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 The Theatreguide.London Review




I Never Get Dressed Till After Dark On Sundays
Cock Tavern Theatre  March 2011

It is a real coup and very much to the credit of this ambitious pub theatre that it has been given the rights to two hitherto unknown plays by Tennessee Williams, with A Cavalier For Milady later this month and this unpublished 1970 drama now.

Any Williams fan would want to see this, even if it were not very good. And it is not very good, though that should not stop you from seeing it. 

Williams spent most of the 1960s either drunk, drugged or in rehab, and although he declared himself clean and cured, and continued to write until his death in 1983, something had been lost in the lost decade.

It wasn't his poetic imagination - no one else would have a character say (and get away with) 'I have been betrayed by a sensual streak in my nature' - and no other playwright would put a dying actress and a stud in a New Orleans bedroom and let then discover their need for each other.

What was fading, as Williams' other plays of the 1970s also show, was his ability to shape these images and bursts of poetry into coherent plays. I Never Get Dressed.... is more a rough sketch for a play than the play itself, and it is too much made up of bits and pieces borrowed from other, more successful Williams dramas.

In her fragility and near-hysteria, the girl in this play is a pale copy of Blanche and Amanda, while the boy unable to think beyond his crotch is far coarser and less sympathetic than Stanley or Chance but cut from the same template. The girl's hysterical reaction to the constant noise of tourists outside is just Maggie shouting at the no-neck monsters, while his telling of a gratuitously macabre story footnotes directly to The Night Of The Iguana. And the whole scene is an out-take from or sketch for a subplot in Vieux Carre.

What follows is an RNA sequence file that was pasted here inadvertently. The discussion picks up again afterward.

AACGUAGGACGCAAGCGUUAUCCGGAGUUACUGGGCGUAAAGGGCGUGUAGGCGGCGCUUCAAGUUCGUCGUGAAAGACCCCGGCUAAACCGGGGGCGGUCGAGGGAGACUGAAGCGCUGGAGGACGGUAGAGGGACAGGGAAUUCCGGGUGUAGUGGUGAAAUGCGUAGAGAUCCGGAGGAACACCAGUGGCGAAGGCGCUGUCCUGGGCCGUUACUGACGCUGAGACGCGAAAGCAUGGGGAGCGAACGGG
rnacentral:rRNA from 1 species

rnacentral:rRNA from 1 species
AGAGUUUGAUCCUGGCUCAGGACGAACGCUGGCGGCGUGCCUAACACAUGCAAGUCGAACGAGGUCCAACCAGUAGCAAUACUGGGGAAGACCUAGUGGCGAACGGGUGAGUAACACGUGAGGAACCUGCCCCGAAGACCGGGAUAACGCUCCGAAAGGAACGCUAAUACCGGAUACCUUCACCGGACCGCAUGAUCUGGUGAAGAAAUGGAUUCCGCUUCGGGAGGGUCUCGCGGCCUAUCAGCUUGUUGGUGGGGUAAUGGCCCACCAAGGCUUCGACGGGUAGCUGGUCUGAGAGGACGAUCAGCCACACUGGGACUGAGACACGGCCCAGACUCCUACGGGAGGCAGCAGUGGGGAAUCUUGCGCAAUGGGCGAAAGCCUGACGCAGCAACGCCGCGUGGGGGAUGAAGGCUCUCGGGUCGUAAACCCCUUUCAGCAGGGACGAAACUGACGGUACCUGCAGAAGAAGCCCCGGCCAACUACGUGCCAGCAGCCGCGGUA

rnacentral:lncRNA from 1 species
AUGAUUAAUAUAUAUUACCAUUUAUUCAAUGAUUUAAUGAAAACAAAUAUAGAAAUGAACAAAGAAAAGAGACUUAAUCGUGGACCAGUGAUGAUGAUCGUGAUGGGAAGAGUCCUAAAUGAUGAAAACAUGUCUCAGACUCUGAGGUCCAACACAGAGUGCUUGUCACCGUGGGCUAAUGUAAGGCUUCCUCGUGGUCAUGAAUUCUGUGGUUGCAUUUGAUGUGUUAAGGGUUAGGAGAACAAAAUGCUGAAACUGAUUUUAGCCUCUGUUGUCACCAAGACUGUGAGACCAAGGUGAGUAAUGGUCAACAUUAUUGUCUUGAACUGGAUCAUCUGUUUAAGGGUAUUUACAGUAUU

But even without those self-plagiarisms, all Williams really has to say here is that the two are far from ideal choices for each other, but they're all they've got, and he has said that far more successfully elsewhere.

As if confessing that he hadn't really written the play he wanted to, Williams puts it all in a frame, as we discover that what we are watching is actors in a final rehearsal of a play about these characters, breaking the illusion to complain about their lines or take notes from the 'director' and 'playwright'.

This enables Williams to say what he wasn't able to dramatise, either by having the 'playwright' explain his intentions to the actors or by having them describe their understanding of a scene. You can almost sense him repeatedly reaching a point in the script and thinking 'I don't know how to get this across in dialogue.' Telling us what he was unable to show us might have been a stopgap, had Williams been able to return to the text and polish it. But leaving it that way is an admission of defeat.

Given the very fragile text he had to work with, the actual director Hamish MacDougall is able only to get uneven results from his cast. Keith Myers as the playwright and Shelley Lang as the girl are most successful in creating and sustaining the reality of their characters, with the others too frequently falling into the trap of cartoonish one-dimensionality the playwright set for them.

This is not a good play. But it is unmistakeably a Tennessee Williams play, and that is sufficient reason to recommend it.

Gerald Berkowitz

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Review - I Never Get Dressed Till After Dark on Sundays - Cock Tavern 2011